5. "De Decalogo," the introductory treatise to the chief ten commandments of the Law.
  6. "De Specialibus Legibus," in which treatise Philo attempts to systematize the several laws of the Torah, and to arrange them in conformity with the Ten Commandments. To the first and second commandments he adds the laws relating to priests and sacrifices; to the third (misuse of the name of God), the laws on oaths, vows, etc.; to the fourth (on the Sabbath), the laws on festivals; to the fifth (to honor father and mother),the laws on respect for parents, old age, etc.; to the sixth, the marriage laws; to the seventh, the civil and criminal laws; to the eighth, the laws on theft; to the ninth, the laws on truthful testifying; and to the tenth, the laws on lust (comp. Stade-Holtzmann, "Gesch. des Volkes Israel," 1888, ii. 535-545; on Philo as influenced by the Halakah, see B Ritter, "Philo und die Halacha," Leipsic, 1879, and Siegfried's review of the same in the "Jenaer Literaturzeitung," 1879, No. 35). The first book includes the following treatises of the current editions: "De Circumcisione"; "De Monarchia," books i. and ii.; "De Sacerdotum Honoribus"; "De Victimis." On the division of the book into these sections, the titles of the latter, and newly found sections of the text, see Schürer, l.c. p. 517; Wendland, l.c. pp. 136 et seq. The second book includes in the editions a section also entitled "De Specialibus Legibus" (ii. 270-277), to which is added the treatise "De Septenario," which is, however, incomplete in Mangey. The greater part of the missing portion was supplied, under the title "De Cophini Festo et de Colendis Parentibus," by Mai (1818), and was printed in Richter's edition, v. 48-50, Leipsic, 1828. The complete text of the second book was published by Tischendorf in his "Philonea" (pp. 1-83). The third book is included under the title "De Specialibus Legibus" in ed. Mangey, ii. 299-334. The fourth book also is entitled "De Specialibus Legibus"; to it the last sections are added under the titles "De Judice" and "De Concupiscentia" in the usual editions; and they include, also, as appendix, the sections "De Justitia" and "De Creatione Principum."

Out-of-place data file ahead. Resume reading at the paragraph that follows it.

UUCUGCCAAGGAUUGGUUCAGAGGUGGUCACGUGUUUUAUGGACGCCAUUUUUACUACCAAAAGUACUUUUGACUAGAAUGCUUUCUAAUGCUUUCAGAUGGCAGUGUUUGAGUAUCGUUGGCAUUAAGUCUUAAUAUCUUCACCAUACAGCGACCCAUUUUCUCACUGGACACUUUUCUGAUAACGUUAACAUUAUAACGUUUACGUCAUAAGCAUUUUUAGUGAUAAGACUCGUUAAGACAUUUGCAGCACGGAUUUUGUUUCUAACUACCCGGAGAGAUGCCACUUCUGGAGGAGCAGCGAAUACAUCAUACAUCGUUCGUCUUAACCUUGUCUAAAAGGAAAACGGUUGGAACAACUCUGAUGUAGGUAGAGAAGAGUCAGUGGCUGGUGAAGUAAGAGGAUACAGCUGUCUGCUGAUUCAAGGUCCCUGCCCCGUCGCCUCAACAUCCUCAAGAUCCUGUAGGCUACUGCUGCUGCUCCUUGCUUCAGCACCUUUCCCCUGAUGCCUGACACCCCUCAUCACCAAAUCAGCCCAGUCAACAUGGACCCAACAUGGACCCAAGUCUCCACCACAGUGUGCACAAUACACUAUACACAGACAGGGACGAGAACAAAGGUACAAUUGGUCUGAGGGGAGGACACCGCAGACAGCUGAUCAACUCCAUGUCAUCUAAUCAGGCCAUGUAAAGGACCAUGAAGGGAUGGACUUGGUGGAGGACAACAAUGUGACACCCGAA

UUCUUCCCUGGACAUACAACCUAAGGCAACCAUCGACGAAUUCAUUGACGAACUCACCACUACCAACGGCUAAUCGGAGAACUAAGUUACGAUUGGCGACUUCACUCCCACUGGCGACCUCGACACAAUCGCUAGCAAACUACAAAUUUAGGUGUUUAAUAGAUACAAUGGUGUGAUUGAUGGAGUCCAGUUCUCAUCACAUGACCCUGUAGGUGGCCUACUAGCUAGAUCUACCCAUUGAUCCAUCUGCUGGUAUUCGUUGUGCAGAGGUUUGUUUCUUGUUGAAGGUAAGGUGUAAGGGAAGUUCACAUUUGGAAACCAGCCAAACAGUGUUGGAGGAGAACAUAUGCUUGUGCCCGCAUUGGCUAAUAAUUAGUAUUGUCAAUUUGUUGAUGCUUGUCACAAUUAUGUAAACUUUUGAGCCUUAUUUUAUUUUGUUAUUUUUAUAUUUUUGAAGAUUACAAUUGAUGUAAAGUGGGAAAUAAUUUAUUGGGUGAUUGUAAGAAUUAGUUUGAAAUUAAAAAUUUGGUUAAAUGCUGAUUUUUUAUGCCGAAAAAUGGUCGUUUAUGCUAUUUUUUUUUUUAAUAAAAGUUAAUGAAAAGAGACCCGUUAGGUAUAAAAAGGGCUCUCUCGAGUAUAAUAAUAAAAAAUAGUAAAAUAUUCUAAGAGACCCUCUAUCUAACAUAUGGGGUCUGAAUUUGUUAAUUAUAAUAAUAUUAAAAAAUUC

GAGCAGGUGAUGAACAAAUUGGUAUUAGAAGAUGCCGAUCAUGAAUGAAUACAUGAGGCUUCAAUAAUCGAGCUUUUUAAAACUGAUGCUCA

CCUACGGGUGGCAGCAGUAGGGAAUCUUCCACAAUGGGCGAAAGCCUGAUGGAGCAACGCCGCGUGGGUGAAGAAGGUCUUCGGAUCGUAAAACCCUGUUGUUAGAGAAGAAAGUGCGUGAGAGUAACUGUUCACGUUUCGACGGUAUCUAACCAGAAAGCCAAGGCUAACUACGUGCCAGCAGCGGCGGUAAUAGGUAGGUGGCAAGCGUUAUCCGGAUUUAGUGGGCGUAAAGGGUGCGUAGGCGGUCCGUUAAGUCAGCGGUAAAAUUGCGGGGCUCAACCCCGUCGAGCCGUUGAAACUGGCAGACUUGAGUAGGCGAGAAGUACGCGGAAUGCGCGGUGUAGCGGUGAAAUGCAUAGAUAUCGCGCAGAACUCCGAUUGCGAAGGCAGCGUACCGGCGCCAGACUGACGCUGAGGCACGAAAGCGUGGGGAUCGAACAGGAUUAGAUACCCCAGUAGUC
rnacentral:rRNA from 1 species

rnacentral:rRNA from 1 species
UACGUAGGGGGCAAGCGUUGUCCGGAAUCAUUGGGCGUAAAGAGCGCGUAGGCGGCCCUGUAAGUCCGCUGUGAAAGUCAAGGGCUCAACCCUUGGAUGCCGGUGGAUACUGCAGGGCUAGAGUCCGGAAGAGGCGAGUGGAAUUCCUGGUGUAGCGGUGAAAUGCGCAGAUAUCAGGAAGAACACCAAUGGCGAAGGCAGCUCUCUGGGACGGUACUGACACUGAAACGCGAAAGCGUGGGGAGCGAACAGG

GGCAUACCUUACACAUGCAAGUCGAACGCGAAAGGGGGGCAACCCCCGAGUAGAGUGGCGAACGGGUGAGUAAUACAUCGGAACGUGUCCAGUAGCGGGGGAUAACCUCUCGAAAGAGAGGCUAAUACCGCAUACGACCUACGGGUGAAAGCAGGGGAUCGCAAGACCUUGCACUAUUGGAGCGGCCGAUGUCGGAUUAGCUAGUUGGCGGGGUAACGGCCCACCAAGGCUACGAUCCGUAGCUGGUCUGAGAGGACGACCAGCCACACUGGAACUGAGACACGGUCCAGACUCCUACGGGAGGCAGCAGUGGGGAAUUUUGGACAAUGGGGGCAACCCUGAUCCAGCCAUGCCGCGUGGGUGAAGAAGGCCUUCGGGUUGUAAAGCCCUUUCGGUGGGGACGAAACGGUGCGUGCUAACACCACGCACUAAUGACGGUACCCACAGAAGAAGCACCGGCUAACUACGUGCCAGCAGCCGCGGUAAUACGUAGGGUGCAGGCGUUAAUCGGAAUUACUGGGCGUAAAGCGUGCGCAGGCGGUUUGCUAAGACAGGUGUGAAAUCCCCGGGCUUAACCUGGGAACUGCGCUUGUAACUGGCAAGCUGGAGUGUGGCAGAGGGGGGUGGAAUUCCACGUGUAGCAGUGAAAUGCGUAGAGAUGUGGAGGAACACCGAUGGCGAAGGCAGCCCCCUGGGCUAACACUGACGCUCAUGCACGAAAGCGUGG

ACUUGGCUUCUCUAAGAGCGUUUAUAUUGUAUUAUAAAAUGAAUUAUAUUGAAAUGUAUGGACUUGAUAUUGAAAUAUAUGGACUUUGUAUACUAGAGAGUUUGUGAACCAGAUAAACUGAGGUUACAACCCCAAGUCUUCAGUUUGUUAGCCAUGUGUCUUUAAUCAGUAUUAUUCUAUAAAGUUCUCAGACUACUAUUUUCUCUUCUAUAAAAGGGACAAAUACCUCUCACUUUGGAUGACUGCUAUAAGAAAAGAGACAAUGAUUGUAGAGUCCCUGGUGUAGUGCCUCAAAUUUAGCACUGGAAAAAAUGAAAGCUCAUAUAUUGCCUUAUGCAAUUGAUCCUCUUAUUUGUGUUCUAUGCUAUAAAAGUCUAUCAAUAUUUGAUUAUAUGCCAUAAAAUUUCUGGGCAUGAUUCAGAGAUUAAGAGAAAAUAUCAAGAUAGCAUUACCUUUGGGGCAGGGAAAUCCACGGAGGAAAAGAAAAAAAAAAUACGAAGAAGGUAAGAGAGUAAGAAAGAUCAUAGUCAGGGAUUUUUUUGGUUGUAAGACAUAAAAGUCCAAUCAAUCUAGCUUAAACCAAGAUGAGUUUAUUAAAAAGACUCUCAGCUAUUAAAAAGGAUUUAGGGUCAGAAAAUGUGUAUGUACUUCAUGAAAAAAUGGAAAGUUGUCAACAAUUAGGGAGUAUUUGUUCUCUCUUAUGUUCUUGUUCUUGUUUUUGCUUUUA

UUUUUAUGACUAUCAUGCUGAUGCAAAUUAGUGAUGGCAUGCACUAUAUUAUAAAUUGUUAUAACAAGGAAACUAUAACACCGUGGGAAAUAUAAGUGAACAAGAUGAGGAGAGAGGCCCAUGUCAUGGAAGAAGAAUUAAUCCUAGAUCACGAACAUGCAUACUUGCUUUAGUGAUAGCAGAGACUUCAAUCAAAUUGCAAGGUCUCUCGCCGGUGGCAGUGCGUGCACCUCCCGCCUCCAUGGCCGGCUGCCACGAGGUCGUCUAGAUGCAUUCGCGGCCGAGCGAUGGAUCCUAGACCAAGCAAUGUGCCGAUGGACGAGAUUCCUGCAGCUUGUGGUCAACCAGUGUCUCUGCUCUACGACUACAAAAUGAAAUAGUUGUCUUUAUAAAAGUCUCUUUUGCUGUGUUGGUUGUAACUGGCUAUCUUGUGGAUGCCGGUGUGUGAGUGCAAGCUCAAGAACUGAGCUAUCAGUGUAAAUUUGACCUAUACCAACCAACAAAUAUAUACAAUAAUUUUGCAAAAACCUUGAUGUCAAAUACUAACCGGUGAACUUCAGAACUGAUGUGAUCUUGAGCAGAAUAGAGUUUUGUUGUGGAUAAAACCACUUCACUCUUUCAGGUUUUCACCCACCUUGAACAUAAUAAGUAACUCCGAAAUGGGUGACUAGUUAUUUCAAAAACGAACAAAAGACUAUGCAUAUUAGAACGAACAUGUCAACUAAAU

7. The treatises "De Fortitudine," "De Caritate," and "De Pœnitentia" are a kind of appendix to "De Specialibus Legibus." Schürer (l.c. pp. 519 [note 82], 520-522) combines them into a special book, which, he thinks, was composed by Philo.
  8. "De Præmiis et Pœnis" and "De Execratione." On the connection of both see Schürer, l.c. pp. 522 et seq. This is the conclusion of the exposition of the Mosaic law.

Independent Works

  1. "Quod Omnis Probus Liber," the second half of a work on the freedom of the just according to Stoic principles. The genuineness of this work has been disputed by Frankel (in "Monatsschrift," ii. 30 et seq., 61 et seq.), by Grätz ("Gesch." iii. 464 et seq.), and more recently by Ansfeld (1887), Hilgenfeld (in "Zeitschrift für Wissenschaftliche Theologie," 1888, pp. 49-71), and others. Now Wendland, Ohle, Schürer, Massebieau, and Krell consider it genuine, with the exception of the partly interpolated passages on the Essenes.